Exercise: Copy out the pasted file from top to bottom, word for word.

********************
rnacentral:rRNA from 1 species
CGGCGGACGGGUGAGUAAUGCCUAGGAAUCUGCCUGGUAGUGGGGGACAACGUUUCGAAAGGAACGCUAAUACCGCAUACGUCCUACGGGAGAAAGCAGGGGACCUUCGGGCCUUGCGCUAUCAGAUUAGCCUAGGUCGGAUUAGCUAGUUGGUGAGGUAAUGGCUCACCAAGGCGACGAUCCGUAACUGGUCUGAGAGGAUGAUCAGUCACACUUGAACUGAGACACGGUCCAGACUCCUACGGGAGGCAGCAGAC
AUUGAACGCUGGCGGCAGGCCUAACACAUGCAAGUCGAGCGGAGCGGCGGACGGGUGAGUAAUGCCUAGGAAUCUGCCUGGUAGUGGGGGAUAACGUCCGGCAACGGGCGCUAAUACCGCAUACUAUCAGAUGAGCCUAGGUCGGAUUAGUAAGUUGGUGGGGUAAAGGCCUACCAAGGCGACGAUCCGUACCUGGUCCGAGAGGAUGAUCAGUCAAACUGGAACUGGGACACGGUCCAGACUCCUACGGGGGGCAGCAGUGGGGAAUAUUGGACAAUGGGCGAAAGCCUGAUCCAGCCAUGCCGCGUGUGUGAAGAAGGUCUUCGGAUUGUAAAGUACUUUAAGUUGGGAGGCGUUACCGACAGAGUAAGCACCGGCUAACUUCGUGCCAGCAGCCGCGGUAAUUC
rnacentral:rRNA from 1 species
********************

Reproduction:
rnacentral:rRNA from 1 species
CGGCGGACGGGUGAGUAAUGCCUAGGAAUCUGCCUGGUAGUGGGGGACAACGUUUCGAAAGGAACGCUAAUACCGCAUACGUCCUACGGGAGAAAGCAGGGGACCUUCGGGCCUUGCGCUAUCAGAUUAGCCUAGGUCGGAUUAGCUAGUUGGUGAGGUAAUGGCUCACCAAGGCGACGAUCCGUAACUGGUCUGAGAGGAUGAUCAGUCACACUUGAACUGAGACACGGUCCAGACUCCUACGGGAGGCAGCAGAC
AUUGAACGCUGGCGGCAGGCCUAACACAUGCAAGUCGAGCGGAGCGGCGGACGGGUGAGUAAUGCCUAGGAAUCUGCCUGGUAGUGGGGGAUAACGUCCGGCAACGGGCGCUAAUACCGCAUACUAUCAGAUGAGCCUAGGUCGGAUUAGUAAGUUGGUGGGGUAAAGGCCUACCAAGGCGACGAUCCGUACCUGGUCCGAGAGGAUGAUCAGUCAAACUGGAACUGGGACACGGUCCAGACUCCUACGGGGGGCAGCAGUGGGGAAUAUUGGACAAUGGGCGAAAGCCUGAUCCAGCCAUGCCGCGUGUGUGAAGAAGGUCUUCGGAUUGUAAAGUACUUUAAGUUGGGAGGCGUUACCGACAGAGUAAGCACCGGCUAACUUCGUGCCAGCAGCCGCGGUAAUUC
rnacentral:rRNA from 1 species